toromand

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I know this is an old thread, but the questions are related...
What is finally your result of running the controller 4.5+ Amps?
I'm making the same build one of these days so I am concerned.
Also, as I will use external PWM I will not use the 5v out for adjusting Laser power - so is it safe to hook up a small 30mm fan to it?
 

Anthony P

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I have done several project using the BB8M. I used kapton tape on the heatsink and arctic silver to glue the driver to the tape/sink.

I cannot answer your question about using the 5V terminal to power your fan. Personally, I would run the fan from the pre-driver voltage source.
 

toromand

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Thx for the prompt reply!
I was thinking of using a thermal pad and screws to fix the driver to the alu heatsink.
Did you use any heatsink(s) on the top side (components)?
About the fan - yes I will find a suitable 12v 30mm fan and hook it up to the 12v driver source. I was just wondering about the 5v ref current limits.
 

Alaskan

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I had an objection to heat sinking through the PCB, didn't like it, but was told it was designed to do so, although the contacts can be a problem if you don't tape over them. They aren't a perfect design in my mind, but can work out well if properly mounted. I later found a way to place additional heat sinking on top of the chip, but it was also mounted to a heat sink on the bottom side too.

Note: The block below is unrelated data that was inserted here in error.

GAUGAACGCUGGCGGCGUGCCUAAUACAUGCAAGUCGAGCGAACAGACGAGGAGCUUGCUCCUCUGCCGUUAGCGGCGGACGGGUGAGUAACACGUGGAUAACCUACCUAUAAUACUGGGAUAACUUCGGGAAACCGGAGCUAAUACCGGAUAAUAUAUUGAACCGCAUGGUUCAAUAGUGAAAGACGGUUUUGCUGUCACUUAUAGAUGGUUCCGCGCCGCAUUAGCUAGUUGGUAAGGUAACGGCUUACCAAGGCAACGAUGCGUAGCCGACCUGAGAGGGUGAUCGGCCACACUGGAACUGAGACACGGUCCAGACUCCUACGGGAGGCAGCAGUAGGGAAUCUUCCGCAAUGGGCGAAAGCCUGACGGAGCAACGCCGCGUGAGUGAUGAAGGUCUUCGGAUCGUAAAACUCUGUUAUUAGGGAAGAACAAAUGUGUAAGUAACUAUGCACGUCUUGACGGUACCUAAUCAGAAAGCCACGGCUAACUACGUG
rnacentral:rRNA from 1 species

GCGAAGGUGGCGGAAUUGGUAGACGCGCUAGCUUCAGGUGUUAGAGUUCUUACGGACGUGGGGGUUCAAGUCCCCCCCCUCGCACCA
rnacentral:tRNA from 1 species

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toromand

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I guess putting a thermal pad underneath the whole board should be enough to electrically insulate the contacts. If I understand well, thermal pads (I have some Chinese blue ones) should work fine covering both insulation and heat transfer.
 

Alaskan

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I've used those pads before, not as good as something like Arctic Silver, or perhaps thermal epoxy, but may work out OK, if you use the thin ones. I believe they come as thin as .5 mm. I seem to remember this driver has a thermal cutoff at 140 C, if too hot, so at least won't destroy itself if it isn't enough.
 

toromand

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Talking about Arctic Silver, did you tape-cover the whole board or just the input/output pads?
 

Alaskan

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I put black tape over where the contacts were as added protection, but didn't really need to do so because I used small square of copper between the board just below the chip and a larger heat sink under it which was small enough to keep from pushing against the tape. Not ideal, but worked out fine. I had compressed another small piece of copper on top of the chip down to hold the whole assembly tightly together. The driver was sandwiched between heat sinks, top and bottom, with a hole drilled through the top to allow me to get to the current limit adjustment pot.
 

Anthony P

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Talking about Arctic Silver, did you tape-cover the whole board or just the input/output pads?
I Kapton taped the heat sink only and used the arctic silver epoxy directly on the board. The epoxy is an electrical insulator when cured.